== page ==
Tuesday, May 21, 2013

Sea Walking = Sea Destruction


images from Phuket Marine Biological Station (PMBC)
Never having done this - I can only copy and paste a recent article from the Phuket Gazette.
PHUKET: About 200 square meters of coral have been damaged off Khai Nai island in Phang Nga, say local marine officials, in order to create a pathway for tourists to walk on the sea floor.
images from Phuket Marine Biological Station (PMBC)

The manager of the seawalking company at the site, however, has defended his business, telling the Phuket Gazette it is environmentally friendly and had not damaged any coral.
Seawalking – walking on the sea floor while wearing a helmet supplied with oxygen from a boat above – was banned in local areas from 2007 until the law forbidding it lapsed last year.

Phuket marine officials, after learning of the damaged coral from locals, dived at the site on the east side of Khai Nai island on March 22. The group included staff from the Department of Marine and Coastal Resources (DMCR) and Phuket Marine Biological Center (PMBC).

“We found over 200 square meters of medium-quality corals had been destroyed,” said Dr Nalinee Thongtam, senior marine specialist at the PMBC.
“Coral reef had been cut to create a flat walkway,” she said.
Dr Nalinee photographed a metal railing set in the pathway for tourists to hold on to at the now-cleared site.

The cut coral was piled on top of living coral, protected sea clams had been relocated, and the support boat was anchored by rope to coral, said Dr Nalinee, who has detailed illustrations of the site.

“A total area of about 300 square meters of coral was affected, and at least two laws were broken,” she said.

It is illegal to destroy coral and the metal bar and roped coral contravene marine regulations that do not allow fishing areas to be altered, she said.

Dr Nalinee and her colleagues reported the damage to police at Koh Yao Noi island, but were told that police could not take action unless they witnessed the destruction in progress.

About 10 days later, on April 3, Dr Nalinee sent one of her staff to check on the coral. He reported back that it was starting to die, and took photographs of seawalking already in progress.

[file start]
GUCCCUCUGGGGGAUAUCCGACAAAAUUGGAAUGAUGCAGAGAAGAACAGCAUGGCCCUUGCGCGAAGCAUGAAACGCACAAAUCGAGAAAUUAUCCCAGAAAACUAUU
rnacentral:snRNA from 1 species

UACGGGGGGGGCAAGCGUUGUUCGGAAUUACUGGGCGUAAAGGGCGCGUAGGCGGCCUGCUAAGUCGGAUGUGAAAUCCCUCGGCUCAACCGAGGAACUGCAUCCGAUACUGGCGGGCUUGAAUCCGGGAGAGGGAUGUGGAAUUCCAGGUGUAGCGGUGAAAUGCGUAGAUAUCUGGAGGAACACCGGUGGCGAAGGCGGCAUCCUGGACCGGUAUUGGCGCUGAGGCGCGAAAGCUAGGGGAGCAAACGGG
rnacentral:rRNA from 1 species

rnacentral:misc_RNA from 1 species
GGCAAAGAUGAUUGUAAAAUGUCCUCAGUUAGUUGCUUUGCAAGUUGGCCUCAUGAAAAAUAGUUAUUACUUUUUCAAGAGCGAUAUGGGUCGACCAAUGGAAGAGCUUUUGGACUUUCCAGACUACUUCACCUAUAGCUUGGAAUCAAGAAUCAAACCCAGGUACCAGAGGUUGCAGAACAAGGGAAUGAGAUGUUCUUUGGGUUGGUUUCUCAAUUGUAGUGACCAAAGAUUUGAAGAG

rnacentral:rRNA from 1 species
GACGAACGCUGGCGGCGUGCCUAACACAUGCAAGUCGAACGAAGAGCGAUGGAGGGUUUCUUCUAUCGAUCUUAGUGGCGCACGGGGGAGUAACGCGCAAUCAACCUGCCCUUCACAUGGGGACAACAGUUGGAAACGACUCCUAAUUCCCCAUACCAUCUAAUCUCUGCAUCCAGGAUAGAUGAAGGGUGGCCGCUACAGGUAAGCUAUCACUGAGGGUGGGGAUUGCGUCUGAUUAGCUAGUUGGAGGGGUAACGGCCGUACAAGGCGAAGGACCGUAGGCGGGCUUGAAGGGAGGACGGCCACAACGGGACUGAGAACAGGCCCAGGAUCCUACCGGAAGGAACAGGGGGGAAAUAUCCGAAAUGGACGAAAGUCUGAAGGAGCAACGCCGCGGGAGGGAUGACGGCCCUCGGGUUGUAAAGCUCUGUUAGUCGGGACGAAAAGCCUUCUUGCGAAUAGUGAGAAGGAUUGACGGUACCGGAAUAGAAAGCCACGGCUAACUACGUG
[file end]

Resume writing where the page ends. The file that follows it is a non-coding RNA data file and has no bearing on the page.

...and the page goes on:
“Some of the damaged coral still has the potential to grow back again with the right treatment,” Dr Nalinee said.

“It is now very important for the all governmental organizations to cooperate and fix the damage,” she added.

Dr Nalinee told the Gazette that the case has been reported to her superiors at the PMBC, to the DMCR, to the Phuket Provincial Office of Natural Resources and Environment, and to the governors of both Phuket and Phang Nga.

The Ministry of Natural Resources and Environment Inspector-General has reported the issue to the Chief Executive of that Ministry.

A beleaguered Somporn Teerin, the manager of J & J Marine, the seawalking company at the site Dr Nalinee visited, told the Gazette he had received complaints from all sides and asked for the chance to explain himself.

“Eco-tourism is what we call our seawalking package,” he said.

“No coral was destroyed. The coral that we removed had been dead for three or four years years already. The walkway where we put the metal bars is a natural coral-freewater channel,” he said.

Mr Somporn took exception to the claim that 200 square meters of coral had been disrupted.

“The metal bar is only one inch thick and six meters long, so it is irrational to claim that we are the reason that 200 square meters of coral are destroyed,” he said.

As for the boat being anchored by rope to coral, Mr Somporn said he was told by experts this was safe for coral.

“Corals around the island are being destroyed by divers and anchors from boats. I consulted with specialists who told me that wrapping ropes underneath coral is safe for them,” he said.

Mr Somporn also said he had consulted with local leaders before starting his business.

“This will be beneficial for the locals as well; we will be providing employment for them,” he said.

Mr Somporn said that he is expecting to start the first seawalking tour this week after documents filed with the Tourism Authority of Thailand (TAT) and the Ministry of Natural Resources and Environment have been completed.

When asked by the Gazette about the seawalking already in progress witnessed by Dr Nalinee’s officer, Mr Somporn said he wasn’t sure what was going on. “It must have been a safety drill,” he said.

Press were invited to visit the seawalking site on March 29, along with Dr Korn Sirinam, Parliament’s Adviser to the Committee of Land, Forest and Law Enforcement.

At that time, Mr Somporn said that sea animals would not be interfered with or harmed because experts would set up environmental safety standards and tourists would have to agree to abide by them.

Dr Korn said, “We went seawalking for 30 minutes, and I saw that no harm had been done to the sea ecosystem because the area is small, approximately 10 square meters. There is also a sand walkway for tourists to walk along and observe corals and sea animals,” he said.

“I confirm that seawalking should have no impact on the underwater ecosystem, but I also suggest that the agencies should be strict with the rules and take-care of long-term consequences. They have to follow legal regulations in every step they take,” he concluded.

Additional reporting by Kritsada Mueanhawong.